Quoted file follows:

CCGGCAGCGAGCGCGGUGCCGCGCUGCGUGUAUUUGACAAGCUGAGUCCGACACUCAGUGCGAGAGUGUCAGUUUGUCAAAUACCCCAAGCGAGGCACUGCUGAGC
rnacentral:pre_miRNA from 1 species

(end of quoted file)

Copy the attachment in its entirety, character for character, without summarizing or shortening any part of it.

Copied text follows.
CCGGCAGCGAGCGCGGUGCCGCGCUGCGUGUAUUUGACAAGCUGAGUCCGACACUCAGUGCGAGAGUGUCAGUUUGUCAAAUACCCCAAGCGAGGCACUGCUGAGC
rnacentral:pre_miRNA from 1 species